The Seven Steps of Just Cause

The seven test of just cause represent a practical and effective way to determine whether a proposed disciplinary action is firmly and fairly grounded.  It is fair to assume that these tests will be applied by arbitrators in the event that disciplinary actions are challenged, and it is therefore good practice to apply them prospectively when considering the imposition of progressive discipline.

Seven tests:

 

 

  1. Notice

  2. Reasonable Rules & Orders

  3. Investigation

  4. Fair Investigation

  5. Proof

  6. Equal Treatment

  7. Penalty

 

  1. Notice

    • Prior to imposition of discipline, employee must have notice of rules and expectations.

    • Establish through:

      • New employee orientation

        • Orientation checklists

        • Receipts for departmental handbooks

    • Periodic reinforcement/coaching.

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  2. Reasonable Rules & Orders

    • Can not be inconsistent with collective bargaining agreement(s).

    • Can not be arbitrary or capricious.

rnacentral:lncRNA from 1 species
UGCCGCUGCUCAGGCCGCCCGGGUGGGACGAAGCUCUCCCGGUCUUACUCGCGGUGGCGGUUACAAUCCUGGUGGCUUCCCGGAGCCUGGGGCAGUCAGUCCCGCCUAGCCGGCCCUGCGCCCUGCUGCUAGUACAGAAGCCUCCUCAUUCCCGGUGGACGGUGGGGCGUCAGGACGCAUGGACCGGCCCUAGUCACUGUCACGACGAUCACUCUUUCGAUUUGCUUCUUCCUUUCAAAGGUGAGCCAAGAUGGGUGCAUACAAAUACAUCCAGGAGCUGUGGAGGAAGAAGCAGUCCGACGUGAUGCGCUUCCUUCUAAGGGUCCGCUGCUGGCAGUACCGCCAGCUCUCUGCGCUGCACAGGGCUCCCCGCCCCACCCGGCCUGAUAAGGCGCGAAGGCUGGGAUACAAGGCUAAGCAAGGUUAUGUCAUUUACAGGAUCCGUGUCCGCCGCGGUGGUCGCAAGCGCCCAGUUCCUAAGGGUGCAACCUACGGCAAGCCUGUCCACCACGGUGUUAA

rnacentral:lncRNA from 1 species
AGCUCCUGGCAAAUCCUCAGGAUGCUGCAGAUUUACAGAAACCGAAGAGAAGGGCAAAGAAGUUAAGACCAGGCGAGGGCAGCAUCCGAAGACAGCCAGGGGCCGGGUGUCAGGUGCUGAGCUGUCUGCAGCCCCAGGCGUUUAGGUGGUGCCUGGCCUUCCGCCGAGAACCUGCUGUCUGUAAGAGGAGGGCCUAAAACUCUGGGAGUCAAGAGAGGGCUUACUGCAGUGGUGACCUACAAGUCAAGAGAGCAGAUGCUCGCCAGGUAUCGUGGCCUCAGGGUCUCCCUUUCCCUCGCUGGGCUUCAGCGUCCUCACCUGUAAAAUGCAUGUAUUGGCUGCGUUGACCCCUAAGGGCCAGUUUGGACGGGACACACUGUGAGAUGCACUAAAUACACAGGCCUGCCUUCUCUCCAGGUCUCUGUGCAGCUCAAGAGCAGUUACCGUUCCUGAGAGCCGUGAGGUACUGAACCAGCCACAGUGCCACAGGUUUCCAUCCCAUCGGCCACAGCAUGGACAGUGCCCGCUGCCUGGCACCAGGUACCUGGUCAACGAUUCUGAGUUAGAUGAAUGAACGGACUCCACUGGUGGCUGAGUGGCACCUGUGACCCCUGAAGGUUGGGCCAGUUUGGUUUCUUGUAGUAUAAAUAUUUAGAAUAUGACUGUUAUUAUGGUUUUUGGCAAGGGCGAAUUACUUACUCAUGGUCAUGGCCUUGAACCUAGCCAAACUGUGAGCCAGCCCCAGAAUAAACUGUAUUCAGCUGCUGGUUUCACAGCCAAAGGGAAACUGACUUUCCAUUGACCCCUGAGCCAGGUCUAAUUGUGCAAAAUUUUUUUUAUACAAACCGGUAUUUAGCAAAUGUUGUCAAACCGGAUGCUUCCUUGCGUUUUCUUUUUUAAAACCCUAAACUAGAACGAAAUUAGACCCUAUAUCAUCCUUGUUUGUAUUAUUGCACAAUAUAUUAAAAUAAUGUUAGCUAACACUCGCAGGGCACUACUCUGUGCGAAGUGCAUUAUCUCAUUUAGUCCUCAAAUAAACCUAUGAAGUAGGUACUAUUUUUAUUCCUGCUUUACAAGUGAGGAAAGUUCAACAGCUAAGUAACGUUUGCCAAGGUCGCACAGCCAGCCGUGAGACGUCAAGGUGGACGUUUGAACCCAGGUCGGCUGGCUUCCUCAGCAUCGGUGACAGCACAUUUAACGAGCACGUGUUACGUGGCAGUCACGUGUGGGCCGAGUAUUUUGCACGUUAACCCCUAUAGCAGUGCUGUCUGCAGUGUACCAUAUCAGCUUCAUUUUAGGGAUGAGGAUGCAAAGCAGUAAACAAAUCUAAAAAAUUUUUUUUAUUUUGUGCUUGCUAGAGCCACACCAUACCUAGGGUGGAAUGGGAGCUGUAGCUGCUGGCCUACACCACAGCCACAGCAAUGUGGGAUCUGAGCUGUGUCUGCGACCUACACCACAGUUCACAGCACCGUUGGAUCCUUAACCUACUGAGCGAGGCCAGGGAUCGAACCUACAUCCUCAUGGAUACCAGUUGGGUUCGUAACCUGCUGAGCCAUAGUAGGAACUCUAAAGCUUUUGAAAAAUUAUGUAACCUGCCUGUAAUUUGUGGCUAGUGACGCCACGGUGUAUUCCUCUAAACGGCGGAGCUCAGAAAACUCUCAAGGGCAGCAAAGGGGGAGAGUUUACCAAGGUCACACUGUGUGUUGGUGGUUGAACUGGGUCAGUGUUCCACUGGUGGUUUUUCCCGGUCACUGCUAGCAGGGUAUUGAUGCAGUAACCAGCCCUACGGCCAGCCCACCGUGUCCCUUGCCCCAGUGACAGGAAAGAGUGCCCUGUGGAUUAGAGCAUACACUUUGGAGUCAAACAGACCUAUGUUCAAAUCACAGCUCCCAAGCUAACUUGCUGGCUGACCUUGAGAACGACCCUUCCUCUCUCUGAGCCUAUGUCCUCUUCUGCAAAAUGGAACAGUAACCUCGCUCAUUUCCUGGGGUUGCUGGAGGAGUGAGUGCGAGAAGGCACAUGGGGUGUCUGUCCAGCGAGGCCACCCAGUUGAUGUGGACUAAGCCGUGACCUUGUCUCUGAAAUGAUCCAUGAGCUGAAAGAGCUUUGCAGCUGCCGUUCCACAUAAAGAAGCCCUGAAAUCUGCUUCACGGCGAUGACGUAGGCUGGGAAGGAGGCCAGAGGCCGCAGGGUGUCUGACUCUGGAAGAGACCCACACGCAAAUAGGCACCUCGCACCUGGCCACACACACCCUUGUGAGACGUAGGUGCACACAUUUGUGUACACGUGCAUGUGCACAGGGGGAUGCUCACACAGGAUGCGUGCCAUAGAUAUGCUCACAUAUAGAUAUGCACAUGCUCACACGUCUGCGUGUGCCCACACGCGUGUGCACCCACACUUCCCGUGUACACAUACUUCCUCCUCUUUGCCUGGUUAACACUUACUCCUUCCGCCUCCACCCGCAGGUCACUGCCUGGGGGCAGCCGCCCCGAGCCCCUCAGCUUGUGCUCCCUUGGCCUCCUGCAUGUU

• Must be reasonably related to business necessity

      •  

  3. Investigation

    • Must be thorough; consider all evidence, pro & con.

    • Must be timely:

      • Should be completed expeditiously.

      • Occurs before discipline imposed.

    • Give accused opportunity to respond
      (Loudermill Hearing).

    • Allow union representation. (Weingarten rights)

  4. Fair Investigation

    • Result must not be forgone conclusion.

    • Test assumptions/bias.

    •  

  5. Proof

    • Level of proof is normally “substantial evidence.”

    • Greater proof required for more serious allegations.

    •  

  6. Equal Treatment
    Equal treatment must be balanced against just application:

    • Rules must be applied even-handedly & without discrimination.

    • Rules must be applied justly.

    • i.e., don’t blindly apply same rule to all situations - managers/supervisors are expected to exercise judgment.

    •  

  7. Penalty

    • Must be fair, not arbitrary & capricious, or based on emotional response.

    • Factor in length of service, prior performance history, and previous progressive discipline.